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Kinesiotaping for isolated rib fractures in emergency department

Ali Haydar Akça, Muhammed İkbal Şaşmaz, Şeyhmus Kaplan

PII: S0735-6757(19)30791-0
Reference: YAJEM 158626

To appear in: American Journal of Emergency Medicine

Received date: 17 October 2019

Revised date: 25 November 2019
Accepted date: 30 November 2019

Please cite this article as: A.H. Akça, M.İ. Şaşmaz and Ş. Kaplan, Kinesiotaping for
isolated rib fractures in emergency department, American Journal of Emergency

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Title: Kinesiotaping for isolated rib fractures in Emergency Department


1. Ali Haydar Akça, Yüzüncü Yıl University Faculty of Medicine, Department of Emergency

2. Muhammed İkbal Şaşmaz, Manisa Celal Bayar University Faculty of Medicine, Department
of Emergency Medicine

3. Şeyhmus Kaplan, Yüzüncü Yıl University Faculty of Medicine, Department of Sports



Muhammed İkbal Şaşmaz

Manisa Celal Bayar University Faculty of Medicine, Emergency Department
lP +90 5365505031

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Rib fractures, which are among the most common injuries in blunt thoracic trauma, are commonly
encountered in emergency departments. The main symptom is intense flank pain, which may last
for at least 1 month and impede the functions of body movements, deep breathing and coughing (1).
Discomfort in breathing may result in atelectasis, decreased lung compliance, hypoxemia and
respiratory distress (2). Pain management of rib fractures his a challenge for physicians. The
commonly used oral analgesics, usually non-steroidal antiinflammatory drugs (NSAID), provide
limited relief to patients (3,4). Invasive modalities like intercostal nerve block or operative repair
have also been practiced to relieve pain but still have some controversies (5,6).

Kinesiotape (KT) is a drug-free elastic therapeutic tape used for treating various musculoskeletal

problems such as injury, dysfunction and pain. Kinesiotaping applications were created by a
Japanese chiropractor, Dr Kenso Kase, in 1970s. KT has become increasingly popular amongst

athletes and practitioners. The profile of KT was significantly raised after it was seen on athletes at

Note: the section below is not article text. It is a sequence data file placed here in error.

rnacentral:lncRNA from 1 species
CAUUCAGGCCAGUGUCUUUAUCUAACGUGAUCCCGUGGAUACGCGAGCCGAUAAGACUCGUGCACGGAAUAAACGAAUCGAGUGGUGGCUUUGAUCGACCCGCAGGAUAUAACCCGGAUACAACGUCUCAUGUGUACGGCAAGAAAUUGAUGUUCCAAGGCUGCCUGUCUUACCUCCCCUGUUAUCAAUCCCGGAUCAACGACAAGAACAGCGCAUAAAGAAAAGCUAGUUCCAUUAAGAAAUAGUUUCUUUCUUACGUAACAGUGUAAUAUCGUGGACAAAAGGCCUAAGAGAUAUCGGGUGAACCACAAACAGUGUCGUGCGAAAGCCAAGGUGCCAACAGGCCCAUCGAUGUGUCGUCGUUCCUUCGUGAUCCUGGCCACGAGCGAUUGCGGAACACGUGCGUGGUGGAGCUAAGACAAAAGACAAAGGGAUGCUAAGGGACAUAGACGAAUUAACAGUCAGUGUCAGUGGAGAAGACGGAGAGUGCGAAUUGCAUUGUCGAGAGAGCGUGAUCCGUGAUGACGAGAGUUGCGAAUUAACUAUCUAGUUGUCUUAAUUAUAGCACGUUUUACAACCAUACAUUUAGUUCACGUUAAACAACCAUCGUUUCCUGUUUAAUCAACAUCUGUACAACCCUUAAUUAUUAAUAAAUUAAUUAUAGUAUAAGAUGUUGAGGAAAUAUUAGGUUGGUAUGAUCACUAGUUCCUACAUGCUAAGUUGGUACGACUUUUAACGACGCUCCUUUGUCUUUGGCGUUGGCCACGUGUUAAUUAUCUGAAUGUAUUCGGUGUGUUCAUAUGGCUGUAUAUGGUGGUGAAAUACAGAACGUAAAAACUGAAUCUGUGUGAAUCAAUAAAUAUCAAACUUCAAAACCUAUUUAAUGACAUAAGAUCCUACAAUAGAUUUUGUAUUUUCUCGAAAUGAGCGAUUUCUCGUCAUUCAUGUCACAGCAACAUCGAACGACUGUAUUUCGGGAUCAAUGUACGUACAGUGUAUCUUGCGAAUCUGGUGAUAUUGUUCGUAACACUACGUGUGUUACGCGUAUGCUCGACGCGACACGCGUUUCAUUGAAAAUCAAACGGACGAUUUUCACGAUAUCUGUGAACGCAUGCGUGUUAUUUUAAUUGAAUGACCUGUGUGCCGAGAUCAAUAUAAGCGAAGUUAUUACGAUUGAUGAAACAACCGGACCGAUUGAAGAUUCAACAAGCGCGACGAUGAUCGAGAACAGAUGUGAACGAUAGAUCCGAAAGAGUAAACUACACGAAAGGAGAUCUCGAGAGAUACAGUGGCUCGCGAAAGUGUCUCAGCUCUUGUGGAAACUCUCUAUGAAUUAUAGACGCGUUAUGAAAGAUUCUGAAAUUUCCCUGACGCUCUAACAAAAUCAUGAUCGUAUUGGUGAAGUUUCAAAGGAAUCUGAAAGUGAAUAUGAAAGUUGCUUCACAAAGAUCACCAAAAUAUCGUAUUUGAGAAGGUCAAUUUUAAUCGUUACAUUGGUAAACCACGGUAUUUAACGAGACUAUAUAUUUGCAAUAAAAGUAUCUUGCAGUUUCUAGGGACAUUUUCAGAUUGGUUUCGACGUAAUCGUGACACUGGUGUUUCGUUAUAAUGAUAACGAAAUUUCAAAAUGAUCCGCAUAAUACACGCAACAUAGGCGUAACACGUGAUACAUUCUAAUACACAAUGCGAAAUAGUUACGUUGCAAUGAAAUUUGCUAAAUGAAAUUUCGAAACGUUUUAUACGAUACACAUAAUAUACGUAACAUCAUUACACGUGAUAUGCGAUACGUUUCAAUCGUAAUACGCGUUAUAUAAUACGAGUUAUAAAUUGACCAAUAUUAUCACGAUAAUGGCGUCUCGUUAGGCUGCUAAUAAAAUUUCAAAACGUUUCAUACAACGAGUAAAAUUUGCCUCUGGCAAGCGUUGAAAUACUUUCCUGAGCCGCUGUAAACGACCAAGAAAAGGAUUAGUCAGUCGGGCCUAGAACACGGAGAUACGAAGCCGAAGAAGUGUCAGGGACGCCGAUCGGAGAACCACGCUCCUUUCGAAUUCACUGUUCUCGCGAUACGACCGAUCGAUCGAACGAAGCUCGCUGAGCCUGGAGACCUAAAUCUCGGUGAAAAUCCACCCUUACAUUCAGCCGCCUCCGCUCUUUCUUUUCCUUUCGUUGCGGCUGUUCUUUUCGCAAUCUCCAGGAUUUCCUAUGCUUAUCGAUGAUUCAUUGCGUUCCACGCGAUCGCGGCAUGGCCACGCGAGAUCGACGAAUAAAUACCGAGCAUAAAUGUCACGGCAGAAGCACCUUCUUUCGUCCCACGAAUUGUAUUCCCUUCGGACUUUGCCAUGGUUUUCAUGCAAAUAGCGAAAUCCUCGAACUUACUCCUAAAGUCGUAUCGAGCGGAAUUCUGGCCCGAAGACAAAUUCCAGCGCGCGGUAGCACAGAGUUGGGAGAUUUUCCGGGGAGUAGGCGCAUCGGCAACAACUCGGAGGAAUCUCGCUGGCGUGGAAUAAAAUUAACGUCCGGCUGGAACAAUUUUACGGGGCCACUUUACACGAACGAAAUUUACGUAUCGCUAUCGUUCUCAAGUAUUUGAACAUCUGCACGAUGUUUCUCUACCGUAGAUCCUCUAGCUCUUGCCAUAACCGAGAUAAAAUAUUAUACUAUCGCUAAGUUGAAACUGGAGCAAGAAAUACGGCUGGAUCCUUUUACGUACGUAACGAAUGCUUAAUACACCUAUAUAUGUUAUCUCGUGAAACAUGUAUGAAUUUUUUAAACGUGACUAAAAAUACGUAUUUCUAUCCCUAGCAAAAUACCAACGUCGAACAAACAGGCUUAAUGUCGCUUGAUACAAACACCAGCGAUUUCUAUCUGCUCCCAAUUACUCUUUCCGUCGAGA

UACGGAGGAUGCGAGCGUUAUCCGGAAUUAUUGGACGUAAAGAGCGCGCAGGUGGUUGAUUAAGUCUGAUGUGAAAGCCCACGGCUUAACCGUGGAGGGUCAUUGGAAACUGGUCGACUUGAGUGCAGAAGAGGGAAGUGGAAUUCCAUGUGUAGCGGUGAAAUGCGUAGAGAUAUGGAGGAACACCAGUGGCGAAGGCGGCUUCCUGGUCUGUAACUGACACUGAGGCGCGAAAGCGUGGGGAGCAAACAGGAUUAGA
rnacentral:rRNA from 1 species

2008 Olympic Games (7). KT is a thin, elastic tape that is claimed to stretch to 120–140% of its
original length, and then subsequently recoil back to its original length following application, thus
exerting a proposed pulling force to the skin (7). Despite the absolute action mechanism of
kinesiotape is unclear, investigators assert several mechanisms such as (8); supporting injured
muscle and joints, improving fascia function and position, increasing segmental stability, activation

of the blood and lymph flow by lifting the skin, decreasing pain by reducing nociceptive stimuli.
Kinesiotaping has been evaluated in several studies for low back pain and other musculoskeletal
injuries especially in sports medicine (9). However, literature has no study about kinesiotaping in

emergency departments.

In our study we aimed to investigate whether kinesotaping could safely and effectively treat pain

from rib fractures in an emergency department.


Materials and Methods

Study design

This was a prospective, quasi-randomised trial conducted in an Emergency Department of a

university hospital between July 2017 – January 2018. The study protocol was approved by the
university ethics board and written informed consent was obtained from all participants prior to
their involvement. Flurbiprofen alone was compared to flurbiprofen and kinesiotaping for pain
control in patients with isolated rib fractures.

Selection of participants

Patients presenting to our Emergency Department with blunt thoracic trauma and diagnosed with
isolated rib fractures on thorax CT included to the study. Exclusion criterias were as follows;
patients younger than 18 years old, with 4 or more rib fractures, with 1st or 2nd or 12th rib fractures,
accompanying hemo/pneumothorax, use of any analgesic within 12 hours of ED presentation,